Kennedy and Johnson-Evelyn Lincoln
For twelve years Evelyn Lincoln served as John F. Kennedy’s devoted secretary. Following Kennedy’s murder she penned a memoir of her time as his assistant under the title “My Twelve Years with John F. Kennedy”. As his secretary she was a first hand witness to his daily routine and the decision making process behind some of the biggest moments in American history. The relationship between Kennedy and Vice-President Lyndon Johnson has been documented in scores of books. But Lincoln’s account is a welcomed look into the unusual relationship between two polar opposite individuals.
It will be expected that Lincoln speaks fondly of her boss. A good secretary becomes an extension of the person that is served listening to their gripes, anticipating their next move and putting the pieces back together again after a major fallout. Lincoln is all of these but that is not the goal of this book. This book is the record of what she saw and heard between John F. Kennedy and Lyndon Baines Johnson. And what we learn in the book will either confirm what many felt all along or seem like the unsubstantiated ramblings of a secretary in mourning and bitter at the new Commander-In-Chief. In her defense, never in the book does she show a personal vendetta against Johnson. She only reports what she observed during her time with both of these legendary figures.
The book begins before Kennedy is elected to the presidency. In fact, in the early part of the book, he is about to declare his candidacy and gears up for what turned out to be a bitter campaign against Johnson for the Democratic nomination. The animosity and sometimes vindictive methods employed during the primaries made it even more unusual that the two former enemies ended up working together in Washington. But what is clear is that they were never “friends” in any sense of the word. They established a cordial and professional working relationship that was sometimes fragile and tense. Tragically it culminated with the events in Dallas.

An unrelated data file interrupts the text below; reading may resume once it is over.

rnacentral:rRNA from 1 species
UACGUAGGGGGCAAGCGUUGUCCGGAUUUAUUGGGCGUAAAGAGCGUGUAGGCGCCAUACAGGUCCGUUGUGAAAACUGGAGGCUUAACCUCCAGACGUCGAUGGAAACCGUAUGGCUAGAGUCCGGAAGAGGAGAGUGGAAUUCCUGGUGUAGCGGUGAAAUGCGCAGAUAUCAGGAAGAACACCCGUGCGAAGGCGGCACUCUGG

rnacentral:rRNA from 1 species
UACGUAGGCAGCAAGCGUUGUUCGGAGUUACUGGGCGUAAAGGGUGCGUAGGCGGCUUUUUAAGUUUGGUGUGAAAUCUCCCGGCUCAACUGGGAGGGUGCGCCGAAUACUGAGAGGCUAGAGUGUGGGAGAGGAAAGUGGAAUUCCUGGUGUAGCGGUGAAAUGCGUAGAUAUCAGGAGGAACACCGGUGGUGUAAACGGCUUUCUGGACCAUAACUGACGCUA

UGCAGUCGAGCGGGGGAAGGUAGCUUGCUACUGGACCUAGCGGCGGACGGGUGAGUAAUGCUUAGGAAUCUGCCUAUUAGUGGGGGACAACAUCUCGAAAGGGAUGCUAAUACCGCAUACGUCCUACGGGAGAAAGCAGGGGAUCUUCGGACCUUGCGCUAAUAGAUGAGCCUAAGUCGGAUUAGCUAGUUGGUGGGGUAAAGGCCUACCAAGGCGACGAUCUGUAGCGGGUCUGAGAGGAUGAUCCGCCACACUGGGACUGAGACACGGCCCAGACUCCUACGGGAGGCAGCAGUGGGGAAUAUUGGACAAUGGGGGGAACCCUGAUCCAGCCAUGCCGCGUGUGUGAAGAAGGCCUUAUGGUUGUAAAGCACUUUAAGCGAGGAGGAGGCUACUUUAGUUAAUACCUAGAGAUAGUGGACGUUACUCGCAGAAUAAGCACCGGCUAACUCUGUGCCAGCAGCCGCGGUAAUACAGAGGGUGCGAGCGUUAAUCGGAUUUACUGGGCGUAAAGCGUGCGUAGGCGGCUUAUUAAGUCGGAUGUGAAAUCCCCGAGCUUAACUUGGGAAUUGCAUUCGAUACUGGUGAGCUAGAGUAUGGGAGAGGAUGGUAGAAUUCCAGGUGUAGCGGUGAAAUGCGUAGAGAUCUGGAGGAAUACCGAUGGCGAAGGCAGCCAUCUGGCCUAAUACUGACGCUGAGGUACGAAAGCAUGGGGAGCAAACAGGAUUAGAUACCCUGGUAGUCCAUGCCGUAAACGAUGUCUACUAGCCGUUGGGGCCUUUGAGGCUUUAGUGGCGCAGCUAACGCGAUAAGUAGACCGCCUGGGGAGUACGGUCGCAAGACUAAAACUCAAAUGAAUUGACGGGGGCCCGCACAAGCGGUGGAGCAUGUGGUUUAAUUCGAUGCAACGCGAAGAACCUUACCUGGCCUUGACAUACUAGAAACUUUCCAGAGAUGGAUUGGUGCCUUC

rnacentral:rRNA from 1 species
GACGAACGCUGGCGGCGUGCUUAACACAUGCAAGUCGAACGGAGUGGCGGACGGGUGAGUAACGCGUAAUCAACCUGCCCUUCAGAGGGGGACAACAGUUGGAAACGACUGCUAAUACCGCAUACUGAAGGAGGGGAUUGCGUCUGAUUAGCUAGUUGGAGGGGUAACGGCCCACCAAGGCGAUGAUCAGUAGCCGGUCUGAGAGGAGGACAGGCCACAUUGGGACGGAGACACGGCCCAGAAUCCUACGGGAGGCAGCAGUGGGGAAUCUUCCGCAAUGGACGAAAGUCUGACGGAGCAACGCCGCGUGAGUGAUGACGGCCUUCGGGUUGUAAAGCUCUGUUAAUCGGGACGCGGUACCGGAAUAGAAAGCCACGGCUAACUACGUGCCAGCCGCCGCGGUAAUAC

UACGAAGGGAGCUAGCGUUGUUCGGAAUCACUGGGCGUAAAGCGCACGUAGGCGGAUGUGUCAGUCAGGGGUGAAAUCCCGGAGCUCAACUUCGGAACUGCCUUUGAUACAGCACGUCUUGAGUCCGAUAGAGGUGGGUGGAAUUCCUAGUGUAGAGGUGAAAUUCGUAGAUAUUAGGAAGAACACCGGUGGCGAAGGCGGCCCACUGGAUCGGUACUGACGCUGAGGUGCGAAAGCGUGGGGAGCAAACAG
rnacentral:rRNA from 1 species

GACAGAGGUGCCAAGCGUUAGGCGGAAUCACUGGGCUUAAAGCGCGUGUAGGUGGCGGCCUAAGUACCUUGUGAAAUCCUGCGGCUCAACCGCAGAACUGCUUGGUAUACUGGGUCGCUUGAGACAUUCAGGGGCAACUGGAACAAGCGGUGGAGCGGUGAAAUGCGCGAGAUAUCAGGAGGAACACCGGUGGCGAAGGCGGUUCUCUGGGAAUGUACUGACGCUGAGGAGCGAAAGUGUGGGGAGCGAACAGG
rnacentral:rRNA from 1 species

Lincoln does shed light on two moments in JFK’s campaign that have been the subject of heavy debate for many years. His decision to accept Johnson as the vice-president caused shock, suspicion and in some cases outrage for Johnson was not liked in many parts of the United States. The often purported story is that Kennedy offered Johnson the nomination believing that he could help pull the southern states which resisted civil rights legislation and were wary of a Irish-Catholic nominee. There is also the belief that Johnson blackmailed his way onto the ticket. What the real reason was for Johnson’s inclusion we will never know for Kennedy took it with him to his grave. But Lincoln does give us enough to see that Johnson’s version of the events leading up to his appointment as vice-president were way off base.
Towards the end of 1963 as Kennedy was preparing for his reelection campaign in 1964, he began to develop a series of agendas that he was determined to accomplish during a second term. The biggest question surrounding his administration was if Johnson would remain on the ticket. Scandals began to surround Johnson through affiliates with the most dangerous being the Bobby Baker debacle. It has been said that Bobby Kennedy had been monitoring the cases building against Johnson who may have possibly landed in jail. Apparently Jack had told him they would speak about it when he returned from Dallas. What would have happened if he did return we will never know. But what we do know from Lincoln’s journal is that before he left for Dallas he made it very clear exactly who would be his running mate for 1964. Her admissions which we have no reason to doubt, serve as concrete statement on what was going through Kennedy’s mind in regards to the future of his administration.
The book is only 207 pages but within these pages is a good journal kept by an interesting woman who served one of the greatest political figures this world has ever seen. And in his short time in office, he touched the lives of many including his own secretary who duly devoted twelve years of her life to him.